This novel, where the quality of the prose almost defies description, is the most original and lyrical of all of Virginia Woolf's novels and is a complex, yet tantalising story which requires the reader to immerse themselves fully in Woolf's sensuous language. Using a stream of consciousness narrative and the use of multiple inner monologues, the author reveals the vulnerabilities and complexities of her characters' personalities and, in doing so, she allows her readers to gain an impression of what it is like to be inside her characters' minds and to experience their inchoate thoughts and emotions. This novel is an extraordinary reading experience - I've read all of Virginia Woolf's books and there is nothing (in Woolf's body of work - or, that I have found, in anyone else's) that is quite like 'The Waves'. Having read this novel more than once over the years, this is perhaps where I should say that this unique and complex novel becomes clearer with each reading - but I'm not entirely sure that it does; it does, however, continue to impress, amaze and, in particular, to haunt me with each reading. A masterpiece.
on 24 March 2016
I expect to re-read “The Waves” (1931), in part because its (Modernist) difficulty is likely to release new meanings, rather than confirm assumptions or provide reassurance, but also because as its six characters get older and, in their interspersed monologues, contemplate death so they seem to matter more and move beyond their very irritating youthful characters.
Even after one reading, though, I would say that while “The Waves” is acute on time, it relegates the social and historical insights that occur from time to time, and, to my surprise, at least, emerge much more unerringly in “Mrs Dalloway” (1925) and “To the Lighthouse” (1927). Possibly, this is because Virginia Woolf sticks, mostly, to the perspectives (and the narrowness of political outlook) of Bernard, Susan, Rhoda, Neville, Jinny, and Louis; but, equally, it could be because of Woolf’s allegiance to the values of nature announced in the title and pursued doggedly, as well as through the unnamed third-person narrator who follows the rhythm of one day even as the six named characters go through to middle-age. This allegiance to nature or natural reality is quite deliberate on Woolf’s part and distinguishes “The Waves” from “To the Lighthouse”, which, in some respects, it resembles. Whereas in “To the Lighthouse”, for all its Modernist interest in consciousness, there is a concern with how people inter-relate in society, in “The Waves” “the contact of with one another” is “strange” for the characters. Almost in spite of her metaphysical interests, though, there are so many wonderful passages in “The Waves” when society – and particularly London society -- presses upon the more worldly of the six characters that there is an even greater novel shadowing the novel that Virginia Woolf has written.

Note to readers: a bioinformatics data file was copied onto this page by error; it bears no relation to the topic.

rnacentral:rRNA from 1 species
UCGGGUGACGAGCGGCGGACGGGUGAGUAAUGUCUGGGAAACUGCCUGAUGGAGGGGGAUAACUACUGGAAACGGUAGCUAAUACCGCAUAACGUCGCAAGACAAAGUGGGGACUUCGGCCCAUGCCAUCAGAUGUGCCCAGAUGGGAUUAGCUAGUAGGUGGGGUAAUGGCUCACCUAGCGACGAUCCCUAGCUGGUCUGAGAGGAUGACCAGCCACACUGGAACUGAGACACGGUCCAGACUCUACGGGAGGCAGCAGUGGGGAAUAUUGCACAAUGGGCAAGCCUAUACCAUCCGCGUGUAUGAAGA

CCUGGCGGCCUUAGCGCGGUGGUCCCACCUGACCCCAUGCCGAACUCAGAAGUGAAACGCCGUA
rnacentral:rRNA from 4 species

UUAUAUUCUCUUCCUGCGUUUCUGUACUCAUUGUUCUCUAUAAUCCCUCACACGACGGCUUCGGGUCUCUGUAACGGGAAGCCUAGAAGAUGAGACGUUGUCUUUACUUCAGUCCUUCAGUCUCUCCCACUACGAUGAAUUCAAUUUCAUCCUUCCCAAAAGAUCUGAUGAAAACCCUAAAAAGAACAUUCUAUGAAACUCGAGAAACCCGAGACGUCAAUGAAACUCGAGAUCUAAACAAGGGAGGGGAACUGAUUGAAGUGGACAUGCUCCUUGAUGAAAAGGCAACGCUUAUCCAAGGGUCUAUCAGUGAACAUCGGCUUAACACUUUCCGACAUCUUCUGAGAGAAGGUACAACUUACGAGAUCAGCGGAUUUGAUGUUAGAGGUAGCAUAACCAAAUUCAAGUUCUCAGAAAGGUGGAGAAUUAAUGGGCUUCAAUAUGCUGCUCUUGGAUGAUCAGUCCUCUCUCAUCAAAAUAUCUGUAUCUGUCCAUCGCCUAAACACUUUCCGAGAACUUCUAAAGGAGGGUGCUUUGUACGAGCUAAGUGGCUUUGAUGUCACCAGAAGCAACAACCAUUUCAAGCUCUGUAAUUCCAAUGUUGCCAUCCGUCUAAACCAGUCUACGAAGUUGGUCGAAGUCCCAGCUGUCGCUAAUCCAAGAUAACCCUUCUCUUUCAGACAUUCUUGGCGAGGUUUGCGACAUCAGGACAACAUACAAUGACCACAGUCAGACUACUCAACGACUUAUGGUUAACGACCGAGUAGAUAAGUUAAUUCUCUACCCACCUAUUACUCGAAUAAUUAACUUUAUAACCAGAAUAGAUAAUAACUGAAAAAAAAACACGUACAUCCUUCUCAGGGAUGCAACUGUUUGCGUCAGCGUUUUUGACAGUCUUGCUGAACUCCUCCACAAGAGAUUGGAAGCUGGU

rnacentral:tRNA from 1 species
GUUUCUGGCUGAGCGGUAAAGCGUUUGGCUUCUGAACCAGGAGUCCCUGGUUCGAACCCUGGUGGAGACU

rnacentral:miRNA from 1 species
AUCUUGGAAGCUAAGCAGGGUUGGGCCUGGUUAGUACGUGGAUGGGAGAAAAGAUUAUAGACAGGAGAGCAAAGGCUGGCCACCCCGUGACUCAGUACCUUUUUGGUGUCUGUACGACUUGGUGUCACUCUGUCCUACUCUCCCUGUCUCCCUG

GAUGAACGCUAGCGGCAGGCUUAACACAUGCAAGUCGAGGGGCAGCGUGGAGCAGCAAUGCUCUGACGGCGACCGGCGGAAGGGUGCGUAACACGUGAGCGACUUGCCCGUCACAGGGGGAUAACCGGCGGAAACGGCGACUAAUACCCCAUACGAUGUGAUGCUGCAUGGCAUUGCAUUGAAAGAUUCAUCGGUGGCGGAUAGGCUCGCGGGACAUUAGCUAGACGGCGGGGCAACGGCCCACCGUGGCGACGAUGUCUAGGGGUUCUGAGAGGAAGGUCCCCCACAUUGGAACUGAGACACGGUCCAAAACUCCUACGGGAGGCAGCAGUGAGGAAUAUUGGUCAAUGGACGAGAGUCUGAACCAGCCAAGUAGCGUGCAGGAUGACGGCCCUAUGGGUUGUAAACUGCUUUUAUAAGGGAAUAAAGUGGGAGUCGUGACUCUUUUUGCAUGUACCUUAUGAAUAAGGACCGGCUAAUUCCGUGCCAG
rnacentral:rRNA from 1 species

on 22 May 2016
I will not repeat other peoples words praising Virginia Woolf's The Waves. For I truly love the woman, her style and her stories.
I have only one MAJOR complaint about this edition. Even if I am very lucky, not having too many people around me who can spoil the story for me(they read modern junk), this book actually spoiled itself.
The Wordsworth editions are usually lined with numbered references which are very useful for understanding the context of current events, people you've never heard of etc. But one of the notes in this edition, spoiled a major change in the book before it had happened.
Buy it for the story, do NOT read note #50.